Rocker Iggy Pop Urges Michigan To Call Off Wolf Hunt
LANSING (WWJ) - A campaign to protect Michigan's wolf population has gained some star power.
Michigan-native "godfather of punk rock" Iggy Pop has written a letter to Gov. Rick Snyder asking him to stop the state's first ever managed wolf hunt before it begins on Friday.
In the letter, dated Nov. 12, 2013, Pop writes: "As a Michigan native and someone who has cared about animals, both wild and domestic, for as long as I can remember, I was dismayed…that a bill you signed last May (S.B. 288/P.A. 21) gave Michigan's Natural Resources Commission the authority to decide which animals can be hunted…which resulted in the first authorized wolf hunt since wolves underwent state protection in 1965."
"To further compound the issue Mlive.com just unveiled several investigative reports that reveal the state used 'half-truths' and 'falsehoods' to support authorizing a hunting season on wolves in Michigan. The reports make clear that the decision to approve wolf hunting was based on fraudulent information and not sound science," said Pop.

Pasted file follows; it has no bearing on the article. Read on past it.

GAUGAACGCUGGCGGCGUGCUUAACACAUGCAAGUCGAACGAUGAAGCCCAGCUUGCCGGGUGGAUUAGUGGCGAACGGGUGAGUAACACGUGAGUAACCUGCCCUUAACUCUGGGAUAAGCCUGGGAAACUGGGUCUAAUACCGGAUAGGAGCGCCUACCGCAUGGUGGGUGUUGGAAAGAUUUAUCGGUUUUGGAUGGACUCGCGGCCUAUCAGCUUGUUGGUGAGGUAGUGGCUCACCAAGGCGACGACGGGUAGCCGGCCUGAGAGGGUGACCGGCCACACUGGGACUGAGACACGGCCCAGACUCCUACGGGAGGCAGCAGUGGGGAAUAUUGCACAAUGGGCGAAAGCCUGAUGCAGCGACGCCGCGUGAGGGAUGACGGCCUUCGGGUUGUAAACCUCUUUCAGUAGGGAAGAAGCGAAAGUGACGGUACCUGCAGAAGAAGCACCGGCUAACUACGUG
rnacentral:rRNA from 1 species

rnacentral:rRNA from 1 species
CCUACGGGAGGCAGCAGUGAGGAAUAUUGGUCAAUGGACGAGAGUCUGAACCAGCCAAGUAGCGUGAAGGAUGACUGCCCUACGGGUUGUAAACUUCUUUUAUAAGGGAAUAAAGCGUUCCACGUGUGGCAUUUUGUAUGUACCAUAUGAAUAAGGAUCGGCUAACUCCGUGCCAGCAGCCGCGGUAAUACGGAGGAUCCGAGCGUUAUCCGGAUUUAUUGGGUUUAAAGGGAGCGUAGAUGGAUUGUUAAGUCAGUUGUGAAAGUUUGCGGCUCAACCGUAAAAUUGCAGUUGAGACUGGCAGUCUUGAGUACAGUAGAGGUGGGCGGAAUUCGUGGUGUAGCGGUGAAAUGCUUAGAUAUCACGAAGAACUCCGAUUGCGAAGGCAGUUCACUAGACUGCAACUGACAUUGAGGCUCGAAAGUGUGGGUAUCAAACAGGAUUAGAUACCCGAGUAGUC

"I am asking all of my fans in Michigan to sign up and help gather signatures to reverse this decision and protect the wolf from future hunts," Pop continues. "The senseless killing of these majestic animals for sport is a disappointment to the people of Michigan and a stain on its government."
Pop called on Gov. Snyder to "do the right thing by staying the hunt and allowing the people's voice to be heard" on the issue.
Jill Fritz, local director of the Humane Society of the United States, said there's been response so far from the governor.
While state officials say the hunt is needed to rein in wolves that threaten livestock and humans, Fritz told WWJ Newsradio 950 it's nothing more than a "trophy hunt."
"Two of the premier wolf scientists in the world are at Michigan Tech and have stated repeatedly that a random public harvest of wolves will do nothing to effect wolf depredation on livestock or wolf problems with people or with dogs," Fritz said.
Hunt opponents plan a candle vigil with Native American tribe leaders Thursday evening in Saginaw.
Meantime, Fritz says there are two proposals headed for the ballot next year that would overturn the wolf hunt law.
A total of 1,200 people licensed to participate in the hunting season, which runs through December — unless the maximum kill of 43 wolves is reached before then.
Michigan is the sixth state to authorize wolf hunting following the removal of federal protections in recent years.
An estimated 658 wolves roam Michigan's Upper Peninsula.
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